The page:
“Under WTO-enforced intellectual property rules, a few pharmaceutical companies control the supplies and prices of lifesaving COVID-19–related products and have sold most vaccines and treatments to rich countries, making tens of billions in revenue from products developed with government funding. The waiver compromise, by not including treatments and diagnostics, could allow similar situations to unfold with respect to life-saving treatments.”

Parliamentarians around the world have joined their voices with that of the People’s Vaccine movement in denouncing the draft agreement. The EU Left in the European parliament has panned the deal as “nothing more than a face-saving exercise.” While welcoming the fact that the EU negotiators had backed off their blanket opposition to any form of a waiver, the Left EU parliamentarians insist that the struggle against Big Pharma’s vaccine monopoly must continue.

In the UK, 31 MPs have sent a letter to Prime Minister Boris Johnson calling on the Tory government to reject the EU-crafted deal and work for the adoption of the original waiver proposal. Dr. Dan Poulter, the Tory chair of the all-party parliamentary group on global health and one of the signatories of the letter, said: “In a global pandemic that has resulted in nearly 20 million deaths, we must use all tools at our disposal to save lives. This text leaves too much left in the toolbox.” 

A table showing the amount of public money used to develop the leading COVID-19 vaccines

Still, the fact that the EU has felt compelled to drop its opposition to the waiver is a testament to the tenacity of the movement for the People’s Vaccine around the world. “Under the pressure of years of mobilization, the EU finally reluctantly admits that patents are an obstacle to global vaccine access,” said Belgian Left MEP Marc Botenga, commenting on the deal in the European Parliament.

Canada, shamefully, has yet to follow suit. Speaking before the Foreign Affairs committee on March 21, Canada’s trade diplomats and WTO representatives repeatedly questioned the utility and necessity of a TRIPS waiver while claiming they were not opposed. Half-hearted multilateral efforts to distribute surplus doses to lower-income countries have left 2.8 billion people still waiting to get their first dose of a COVID-19 vaccine, but officials assured the Foreign Affairs committee that vaccine donations would suffice.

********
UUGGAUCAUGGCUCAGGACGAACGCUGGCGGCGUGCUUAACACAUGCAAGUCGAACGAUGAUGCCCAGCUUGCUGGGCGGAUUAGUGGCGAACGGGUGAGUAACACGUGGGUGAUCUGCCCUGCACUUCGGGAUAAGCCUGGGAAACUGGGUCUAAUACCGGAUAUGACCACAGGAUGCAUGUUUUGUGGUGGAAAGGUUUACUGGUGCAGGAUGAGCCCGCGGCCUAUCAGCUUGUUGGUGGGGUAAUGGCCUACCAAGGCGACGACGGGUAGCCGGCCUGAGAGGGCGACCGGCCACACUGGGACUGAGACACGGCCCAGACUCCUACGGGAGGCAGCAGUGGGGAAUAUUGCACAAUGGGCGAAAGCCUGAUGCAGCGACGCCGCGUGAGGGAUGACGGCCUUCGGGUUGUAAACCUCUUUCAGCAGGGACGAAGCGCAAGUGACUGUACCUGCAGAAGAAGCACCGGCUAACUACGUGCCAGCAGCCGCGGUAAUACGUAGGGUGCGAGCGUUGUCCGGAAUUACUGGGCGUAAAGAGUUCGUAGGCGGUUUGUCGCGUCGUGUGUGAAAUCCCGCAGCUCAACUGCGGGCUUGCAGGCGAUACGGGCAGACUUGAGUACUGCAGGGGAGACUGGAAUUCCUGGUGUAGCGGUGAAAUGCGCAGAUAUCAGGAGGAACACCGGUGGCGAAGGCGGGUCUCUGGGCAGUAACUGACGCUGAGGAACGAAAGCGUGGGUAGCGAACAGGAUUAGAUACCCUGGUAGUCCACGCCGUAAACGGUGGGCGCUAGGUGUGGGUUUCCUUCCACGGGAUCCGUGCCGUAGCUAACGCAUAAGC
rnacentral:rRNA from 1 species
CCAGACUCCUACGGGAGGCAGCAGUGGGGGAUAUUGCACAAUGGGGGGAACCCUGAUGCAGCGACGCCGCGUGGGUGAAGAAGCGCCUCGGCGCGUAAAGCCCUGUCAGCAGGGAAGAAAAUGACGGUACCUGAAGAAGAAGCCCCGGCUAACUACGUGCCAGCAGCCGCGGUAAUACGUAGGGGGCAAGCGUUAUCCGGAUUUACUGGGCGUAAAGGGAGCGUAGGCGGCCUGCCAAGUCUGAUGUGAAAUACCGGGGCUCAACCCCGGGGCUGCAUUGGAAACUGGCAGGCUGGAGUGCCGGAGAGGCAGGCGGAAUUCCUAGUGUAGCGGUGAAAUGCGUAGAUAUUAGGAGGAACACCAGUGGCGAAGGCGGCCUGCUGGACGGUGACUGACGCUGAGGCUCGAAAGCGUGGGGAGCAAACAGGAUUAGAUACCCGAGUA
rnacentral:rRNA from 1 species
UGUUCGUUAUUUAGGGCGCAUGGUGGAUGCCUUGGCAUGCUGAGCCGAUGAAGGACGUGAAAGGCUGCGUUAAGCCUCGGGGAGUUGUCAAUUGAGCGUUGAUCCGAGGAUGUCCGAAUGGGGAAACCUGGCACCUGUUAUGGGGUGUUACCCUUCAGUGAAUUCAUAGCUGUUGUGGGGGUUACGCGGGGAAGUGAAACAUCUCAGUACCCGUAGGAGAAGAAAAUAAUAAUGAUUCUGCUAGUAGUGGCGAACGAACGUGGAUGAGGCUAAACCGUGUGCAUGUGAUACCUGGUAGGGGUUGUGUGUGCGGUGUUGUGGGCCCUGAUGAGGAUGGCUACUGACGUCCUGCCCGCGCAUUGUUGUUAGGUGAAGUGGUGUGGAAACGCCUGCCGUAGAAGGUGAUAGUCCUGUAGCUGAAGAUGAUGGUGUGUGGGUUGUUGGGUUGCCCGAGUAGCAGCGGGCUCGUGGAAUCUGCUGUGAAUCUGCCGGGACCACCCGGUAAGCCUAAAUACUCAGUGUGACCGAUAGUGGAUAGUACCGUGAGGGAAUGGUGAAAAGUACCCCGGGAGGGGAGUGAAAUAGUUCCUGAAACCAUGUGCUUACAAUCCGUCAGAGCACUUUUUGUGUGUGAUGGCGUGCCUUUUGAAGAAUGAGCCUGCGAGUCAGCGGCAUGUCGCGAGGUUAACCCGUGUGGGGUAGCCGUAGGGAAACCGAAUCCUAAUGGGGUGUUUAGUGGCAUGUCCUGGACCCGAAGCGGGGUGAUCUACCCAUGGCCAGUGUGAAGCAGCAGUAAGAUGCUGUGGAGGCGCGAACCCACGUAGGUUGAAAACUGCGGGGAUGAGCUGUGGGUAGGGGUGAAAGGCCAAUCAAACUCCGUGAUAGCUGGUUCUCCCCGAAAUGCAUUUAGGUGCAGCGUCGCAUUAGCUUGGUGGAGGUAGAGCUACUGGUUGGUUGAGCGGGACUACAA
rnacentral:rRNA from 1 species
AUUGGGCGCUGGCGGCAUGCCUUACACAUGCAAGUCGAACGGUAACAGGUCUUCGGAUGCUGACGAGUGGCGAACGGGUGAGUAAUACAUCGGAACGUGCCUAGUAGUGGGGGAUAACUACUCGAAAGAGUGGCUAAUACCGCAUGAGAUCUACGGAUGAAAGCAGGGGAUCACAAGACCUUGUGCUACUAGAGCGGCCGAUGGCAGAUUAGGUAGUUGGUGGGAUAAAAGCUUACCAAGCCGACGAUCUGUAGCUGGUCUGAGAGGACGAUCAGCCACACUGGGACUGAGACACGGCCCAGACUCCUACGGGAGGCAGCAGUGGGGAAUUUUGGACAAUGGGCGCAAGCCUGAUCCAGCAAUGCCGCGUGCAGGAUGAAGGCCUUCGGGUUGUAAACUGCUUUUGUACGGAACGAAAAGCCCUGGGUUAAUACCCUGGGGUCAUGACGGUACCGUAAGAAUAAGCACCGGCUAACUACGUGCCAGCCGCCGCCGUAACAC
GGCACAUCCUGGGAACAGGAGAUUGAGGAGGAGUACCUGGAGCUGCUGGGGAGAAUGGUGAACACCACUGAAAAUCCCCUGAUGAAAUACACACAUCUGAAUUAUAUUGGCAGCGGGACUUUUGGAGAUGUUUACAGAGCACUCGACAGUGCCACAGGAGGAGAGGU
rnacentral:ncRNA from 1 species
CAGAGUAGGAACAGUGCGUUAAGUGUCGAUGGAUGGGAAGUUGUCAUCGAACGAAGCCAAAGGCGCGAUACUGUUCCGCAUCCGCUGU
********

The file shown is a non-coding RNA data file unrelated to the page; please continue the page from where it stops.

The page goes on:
This is consistent with Canada’s duplicitous stance since October 2020, which has involved resisting all efforts at the WTO to temporarily suspend intellectual property rules while publicly denying having done so back home. Behind a façade of seeking compromise, the Trudeau government is in perfect harmony with Big Pharma’s views on this issue. 

The situation cries out for an urgent change of direction by Canada. But we will not see this change happen without a major push from you and I. That’s why we need a People’s Lobby to counter the power of Big Pharma. 


In May 2021, 71 MPs from across party lines spoke out in favour of ending Big Pharma’s monopoly on COVID-19 vaccines. They – and many others – urgently need to raise their voices again, rather than letting the vaccine makers’ lobbyists dictate Canada’s stance on this crucial global issue.